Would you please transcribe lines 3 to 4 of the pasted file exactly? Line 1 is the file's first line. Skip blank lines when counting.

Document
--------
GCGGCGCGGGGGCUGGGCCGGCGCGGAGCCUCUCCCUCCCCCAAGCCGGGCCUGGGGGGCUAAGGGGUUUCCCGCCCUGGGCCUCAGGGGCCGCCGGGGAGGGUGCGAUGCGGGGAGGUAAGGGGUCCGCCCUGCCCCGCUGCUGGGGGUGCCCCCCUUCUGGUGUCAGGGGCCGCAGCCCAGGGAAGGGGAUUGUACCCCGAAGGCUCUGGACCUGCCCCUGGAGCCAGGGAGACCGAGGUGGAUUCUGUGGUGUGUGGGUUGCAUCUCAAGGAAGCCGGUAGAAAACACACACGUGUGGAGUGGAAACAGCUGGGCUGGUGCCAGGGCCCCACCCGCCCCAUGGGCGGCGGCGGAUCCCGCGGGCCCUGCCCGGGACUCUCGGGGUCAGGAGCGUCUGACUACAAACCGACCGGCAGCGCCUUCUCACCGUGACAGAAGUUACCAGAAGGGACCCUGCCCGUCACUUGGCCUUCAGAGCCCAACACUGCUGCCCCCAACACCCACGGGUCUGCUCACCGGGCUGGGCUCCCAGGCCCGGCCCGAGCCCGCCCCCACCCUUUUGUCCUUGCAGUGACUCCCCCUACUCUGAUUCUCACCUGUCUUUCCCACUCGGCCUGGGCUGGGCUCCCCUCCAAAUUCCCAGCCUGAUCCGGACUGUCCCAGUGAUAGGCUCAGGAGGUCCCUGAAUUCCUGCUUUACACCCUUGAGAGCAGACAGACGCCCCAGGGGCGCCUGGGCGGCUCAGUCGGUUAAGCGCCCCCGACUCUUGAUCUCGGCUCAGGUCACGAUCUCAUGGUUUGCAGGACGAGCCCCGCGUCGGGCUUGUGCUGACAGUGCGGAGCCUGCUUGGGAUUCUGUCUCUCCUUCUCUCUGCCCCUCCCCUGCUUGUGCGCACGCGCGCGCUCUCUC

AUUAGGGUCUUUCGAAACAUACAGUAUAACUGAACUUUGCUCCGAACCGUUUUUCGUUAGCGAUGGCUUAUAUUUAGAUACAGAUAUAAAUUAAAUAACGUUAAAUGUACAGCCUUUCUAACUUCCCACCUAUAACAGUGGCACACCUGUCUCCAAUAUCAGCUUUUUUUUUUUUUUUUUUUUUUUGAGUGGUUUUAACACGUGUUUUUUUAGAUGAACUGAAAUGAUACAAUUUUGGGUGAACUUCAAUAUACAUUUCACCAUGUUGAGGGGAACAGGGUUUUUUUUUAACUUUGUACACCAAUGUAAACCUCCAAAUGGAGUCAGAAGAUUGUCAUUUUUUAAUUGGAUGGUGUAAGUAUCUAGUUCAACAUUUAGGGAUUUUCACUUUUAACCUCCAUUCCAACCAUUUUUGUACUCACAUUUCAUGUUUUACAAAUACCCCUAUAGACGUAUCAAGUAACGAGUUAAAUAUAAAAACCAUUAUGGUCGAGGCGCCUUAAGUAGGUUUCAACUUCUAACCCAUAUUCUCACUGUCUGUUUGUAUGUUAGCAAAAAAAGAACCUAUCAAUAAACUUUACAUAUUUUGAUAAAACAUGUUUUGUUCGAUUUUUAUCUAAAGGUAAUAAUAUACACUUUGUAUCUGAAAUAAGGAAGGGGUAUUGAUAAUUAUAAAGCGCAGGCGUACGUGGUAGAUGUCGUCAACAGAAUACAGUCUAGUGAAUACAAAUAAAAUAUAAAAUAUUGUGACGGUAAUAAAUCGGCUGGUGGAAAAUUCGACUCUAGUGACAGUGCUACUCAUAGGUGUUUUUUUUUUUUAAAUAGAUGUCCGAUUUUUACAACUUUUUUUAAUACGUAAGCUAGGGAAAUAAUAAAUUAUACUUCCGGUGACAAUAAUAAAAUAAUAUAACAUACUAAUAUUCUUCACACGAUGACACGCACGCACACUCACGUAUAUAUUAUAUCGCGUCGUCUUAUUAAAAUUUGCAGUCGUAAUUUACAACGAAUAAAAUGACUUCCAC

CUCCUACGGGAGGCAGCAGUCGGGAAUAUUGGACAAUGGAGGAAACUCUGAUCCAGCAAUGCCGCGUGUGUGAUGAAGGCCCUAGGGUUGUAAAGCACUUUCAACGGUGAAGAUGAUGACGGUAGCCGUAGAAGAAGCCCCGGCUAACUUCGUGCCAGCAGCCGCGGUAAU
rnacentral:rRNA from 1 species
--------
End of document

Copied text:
CUCCUACGGGAGGCAGCAGUCGGGAAUAUUGGACAAUGGAGGAAACUCUGAUCCAGCAAUGCCGCGUGUGUGAUGAAGGCCCUAGGGUUGUAAAGCACUUUCAACGGUGAAGAUGAUGACGGUAGCCGUAGAAGAAGCCCCGGCUAACUUCGUGCCAGCAGCCGCGGUAAU
rnacentral:rRNA from 1 species